According to Forbes, Initial Coin Offerings (ICOs) are enjoying a “meteoric rise.”
By the first half of 2017, ICOs raised 2.3 billion USD – signaling the first time ICOs earned more startup funding than Venture Capital did.
ICOs are so appealing in blockchain-oriented companies because they allow for crowdsourcing, rather than requiring traditional venture or angel investors. Crowdsourced investors receive “tokens” from companies in exchange for their investments; these investments are later paid in a digital currency like Bitcoin or Ether. Tokens don’t typically function like securities, either, but instead let investors use the blockchain software in which they invested.
However, while ICOs may be designed to create tokens that can be used on the blockchain application that they’re designed, the majority of people are using ICO’s as a speculative alternative to the stock market. The draw for this type of investor is that they can invest in ICOs and sell them later for a higher price.
Take Ether tokens for example. Many ICOs have been developed on Ethereum, a blockchain computing platform that requires users to pay fees for transactions. These fees are paid through Ether tokens received by investors. Simultaneously, Ether tokens are a cryptocurrency, so they can be bought and sold on the open market.
Despite the popularity of ICOs from investors, however, these companies are under ever-increasing analysis from governmental regulatory bodies. In July 2017, the U.S. Securities and Exchange Commission (SEC) discussed the potential for fraud in ICOs. Specifically, the SEC suggested the major problem with ICOs was that they were essentially offering investors securities that were not treated as such.
Companies offering securities are under much more regulatory observation than companies that offer other types of investor perks.
SEC Chairman Jay Clayton explained the agency’s description of an ICO as a security:
“There’s no need to change the definition [of a security]. A token, a digital asset, where I give you my money and you go off and make a venture, and in return for giving you my money I say ‘you can get a return’ [;] that is a security and we can regulate that. We regulate the offering of that security and regulate the trading of that security.”
Officially, though, the SEC does not classify every ICO as a security but notes that “ICOs can be securities offerings.”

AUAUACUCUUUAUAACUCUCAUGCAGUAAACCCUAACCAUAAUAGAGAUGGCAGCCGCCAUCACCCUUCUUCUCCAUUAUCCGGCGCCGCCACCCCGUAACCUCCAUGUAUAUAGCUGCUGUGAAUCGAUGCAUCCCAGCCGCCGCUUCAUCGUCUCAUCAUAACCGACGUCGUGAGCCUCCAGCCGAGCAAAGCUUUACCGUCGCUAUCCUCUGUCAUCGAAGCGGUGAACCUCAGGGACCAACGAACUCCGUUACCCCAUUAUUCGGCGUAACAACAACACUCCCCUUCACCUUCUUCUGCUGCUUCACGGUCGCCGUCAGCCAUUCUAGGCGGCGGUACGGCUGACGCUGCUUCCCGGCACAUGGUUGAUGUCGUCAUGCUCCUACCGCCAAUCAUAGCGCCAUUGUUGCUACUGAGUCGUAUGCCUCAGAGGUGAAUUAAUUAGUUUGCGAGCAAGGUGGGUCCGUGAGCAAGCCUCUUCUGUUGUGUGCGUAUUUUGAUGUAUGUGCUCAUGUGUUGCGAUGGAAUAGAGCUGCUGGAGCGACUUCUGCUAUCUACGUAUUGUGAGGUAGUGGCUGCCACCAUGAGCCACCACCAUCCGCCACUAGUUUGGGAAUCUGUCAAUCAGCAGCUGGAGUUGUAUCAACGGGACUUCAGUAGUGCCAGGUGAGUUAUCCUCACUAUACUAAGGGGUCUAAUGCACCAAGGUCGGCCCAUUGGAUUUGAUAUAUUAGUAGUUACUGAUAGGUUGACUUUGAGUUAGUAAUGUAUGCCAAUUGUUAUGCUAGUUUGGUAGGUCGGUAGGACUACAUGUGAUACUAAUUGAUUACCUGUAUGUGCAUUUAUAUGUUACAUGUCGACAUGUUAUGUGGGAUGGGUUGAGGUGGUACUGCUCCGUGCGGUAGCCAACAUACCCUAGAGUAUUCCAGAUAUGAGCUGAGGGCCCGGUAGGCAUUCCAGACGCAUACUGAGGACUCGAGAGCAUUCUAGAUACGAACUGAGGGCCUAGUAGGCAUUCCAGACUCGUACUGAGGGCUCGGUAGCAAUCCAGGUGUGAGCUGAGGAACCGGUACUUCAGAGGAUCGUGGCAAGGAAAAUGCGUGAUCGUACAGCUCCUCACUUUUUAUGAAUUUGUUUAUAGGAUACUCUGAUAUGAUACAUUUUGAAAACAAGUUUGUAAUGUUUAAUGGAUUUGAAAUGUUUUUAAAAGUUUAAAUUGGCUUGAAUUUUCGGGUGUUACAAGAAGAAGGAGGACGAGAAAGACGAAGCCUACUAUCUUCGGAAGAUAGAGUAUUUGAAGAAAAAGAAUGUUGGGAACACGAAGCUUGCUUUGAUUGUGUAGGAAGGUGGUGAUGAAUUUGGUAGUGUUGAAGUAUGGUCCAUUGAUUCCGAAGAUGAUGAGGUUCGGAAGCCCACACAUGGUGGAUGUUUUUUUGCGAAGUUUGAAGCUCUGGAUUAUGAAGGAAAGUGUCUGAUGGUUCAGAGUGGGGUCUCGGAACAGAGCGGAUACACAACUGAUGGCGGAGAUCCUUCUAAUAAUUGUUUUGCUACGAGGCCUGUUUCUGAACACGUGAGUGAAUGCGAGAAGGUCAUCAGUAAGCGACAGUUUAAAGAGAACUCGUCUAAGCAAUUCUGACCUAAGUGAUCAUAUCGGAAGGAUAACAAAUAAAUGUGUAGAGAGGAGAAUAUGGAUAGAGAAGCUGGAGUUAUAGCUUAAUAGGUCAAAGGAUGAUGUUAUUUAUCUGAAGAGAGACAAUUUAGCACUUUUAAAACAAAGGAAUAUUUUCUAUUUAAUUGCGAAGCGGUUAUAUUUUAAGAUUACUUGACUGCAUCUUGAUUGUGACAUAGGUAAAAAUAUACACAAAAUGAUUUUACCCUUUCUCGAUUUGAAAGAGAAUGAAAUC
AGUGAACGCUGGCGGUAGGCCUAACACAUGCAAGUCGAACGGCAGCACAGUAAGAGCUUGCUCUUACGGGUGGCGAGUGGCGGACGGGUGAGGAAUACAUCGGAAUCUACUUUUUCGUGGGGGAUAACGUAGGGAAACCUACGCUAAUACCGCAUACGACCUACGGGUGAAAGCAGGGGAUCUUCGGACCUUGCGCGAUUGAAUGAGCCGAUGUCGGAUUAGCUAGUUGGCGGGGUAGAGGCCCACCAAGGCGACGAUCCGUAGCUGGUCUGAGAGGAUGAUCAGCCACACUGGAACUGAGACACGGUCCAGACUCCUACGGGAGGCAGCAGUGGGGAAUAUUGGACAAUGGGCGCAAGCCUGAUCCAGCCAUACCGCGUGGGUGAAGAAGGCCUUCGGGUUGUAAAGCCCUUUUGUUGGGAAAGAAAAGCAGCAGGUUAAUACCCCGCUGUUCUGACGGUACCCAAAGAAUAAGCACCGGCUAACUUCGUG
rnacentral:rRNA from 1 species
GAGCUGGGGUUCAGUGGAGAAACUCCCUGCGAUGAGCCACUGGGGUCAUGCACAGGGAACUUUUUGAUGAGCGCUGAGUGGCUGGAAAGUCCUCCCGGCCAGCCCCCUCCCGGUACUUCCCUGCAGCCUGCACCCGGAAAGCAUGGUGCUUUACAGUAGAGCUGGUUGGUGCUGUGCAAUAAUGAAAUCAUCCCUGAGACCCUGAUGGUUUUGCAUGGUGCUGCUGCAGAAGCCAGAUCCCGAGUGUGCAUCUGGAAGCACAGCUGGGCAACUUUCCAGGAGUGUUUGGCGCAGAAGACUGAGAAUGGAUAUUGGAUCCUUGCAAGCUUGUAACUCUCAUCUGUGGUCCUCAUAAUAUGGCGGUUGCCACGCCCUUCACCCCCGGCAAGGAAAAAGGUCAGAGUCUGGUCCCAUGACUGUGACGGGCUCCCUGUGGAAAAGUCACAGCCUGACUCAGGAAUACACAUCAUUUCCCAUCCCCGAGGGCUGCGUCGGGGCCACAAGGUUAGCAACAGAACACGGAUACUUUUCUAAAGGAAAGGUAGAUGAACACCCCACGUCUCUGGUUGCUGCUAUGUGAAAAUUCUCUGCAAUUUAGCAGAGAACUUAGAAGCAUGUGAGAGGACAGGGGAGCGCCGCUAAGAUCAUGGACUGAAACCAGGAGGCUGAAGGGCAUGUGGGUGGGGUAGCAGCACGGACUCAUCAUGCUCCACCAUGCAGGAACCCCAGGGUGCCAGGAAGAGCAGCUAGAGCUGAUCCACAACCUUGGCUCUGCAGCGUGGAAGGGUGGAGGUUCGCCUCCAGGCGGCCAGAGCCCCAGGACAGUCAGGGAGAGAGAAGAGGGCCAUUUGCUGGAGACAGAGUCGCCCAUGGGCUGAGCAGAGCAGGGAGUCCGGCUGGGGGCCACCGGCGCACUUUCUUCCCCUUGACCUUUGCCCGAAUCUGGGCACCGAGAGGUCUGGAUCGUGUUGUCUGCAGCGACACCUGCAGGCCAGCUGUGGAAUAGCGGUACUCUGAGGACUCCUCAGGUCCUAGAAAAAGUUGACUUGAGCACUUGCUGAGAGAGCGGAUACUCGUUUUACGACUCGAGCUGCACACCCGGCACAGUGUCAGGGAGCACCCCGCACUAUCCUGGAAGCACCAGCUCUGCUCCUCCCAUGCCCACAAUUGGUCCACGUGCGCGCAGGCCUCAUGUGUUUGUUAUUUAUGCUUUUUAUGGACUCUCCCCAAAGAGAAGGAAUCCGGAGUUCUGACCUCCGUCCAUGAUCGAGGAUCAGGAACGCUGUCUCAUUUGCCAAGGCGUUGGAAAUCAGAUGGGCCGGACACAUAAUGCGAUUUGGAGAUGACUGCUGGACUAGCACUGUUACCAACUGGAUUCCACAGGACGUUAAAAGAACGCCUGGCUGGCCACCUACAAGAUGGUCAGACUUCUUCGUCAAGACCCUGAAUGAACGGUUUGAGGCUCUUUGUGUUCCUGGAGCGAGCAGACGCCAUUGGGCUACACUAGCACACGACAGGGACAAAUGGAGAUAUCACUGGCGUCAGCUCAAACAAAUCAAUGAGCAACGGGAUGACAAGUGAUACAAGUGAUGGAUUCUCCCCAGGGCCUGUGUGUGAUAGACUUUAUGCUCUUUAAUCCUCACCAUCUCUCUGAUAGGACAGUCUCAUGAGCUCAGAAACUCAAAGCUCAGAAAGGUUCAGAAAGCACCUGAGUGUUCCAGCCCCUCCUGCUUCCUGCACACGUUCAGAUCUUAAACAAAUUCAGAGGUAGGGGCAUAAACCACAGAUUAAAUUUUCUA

This regulatory problem is not insignificant. Other countries are wary of ICOs because of the central premise: if more people invest in the ICO, the tokens that investors receive will grow in value. This draws too close to the definition of a pyramid scheme for some countries, like Singapore, that worries about ICOs funding terrorism, defrauding investors, and facilitating money laundering.
China and South Korea have banned ICOs outright. China’s central bank banned ICO fundraising, because it “disrupts their social order.”
While the likelihood of regulatory examination is considerable, more ICOs continue to be developed. To meet regulatory scrutiny, as well as appealing to consumers wary of fraud, ICOs should use robust Know Your Customer (KYC) and Anti-Money Laundering (AML) practices to increase trust.
The Rise in ICO’s
ICOs have become an increasingly-popular investment over the five years since the first ICO, Mastercoin, was introduced in 2013.
By June 2018, ICOs had raised over $13 billion for a variety of blockchain projects. Some of the most successful have been NXT and Filecoin. NXT, first launched in 2013, now has an ROI of 697,275%. In turn, Filecoin had the largest token sale in history in 2017, raising $257 million in contributions. This is an extraordinary increase from the first ICO, Mastercoin, which raised $500,000 USD in the first ever crowdsourced sale in 2013.
Still, the rise of ICOs is not over, and in fact, their popularity seems poised to increase. A Coindesk report in 2017 suggests that 68% of industry leaders have or want to participate in an ICO project. The most common reasons for ICO investment include long-term investment (60%), interest in the technology or project (22%), and speculation (18%).
However, likely because of its novel and unregulated status, the ICO marketplace has had its ups and downs – in investor confidence. Take four markedly different examples: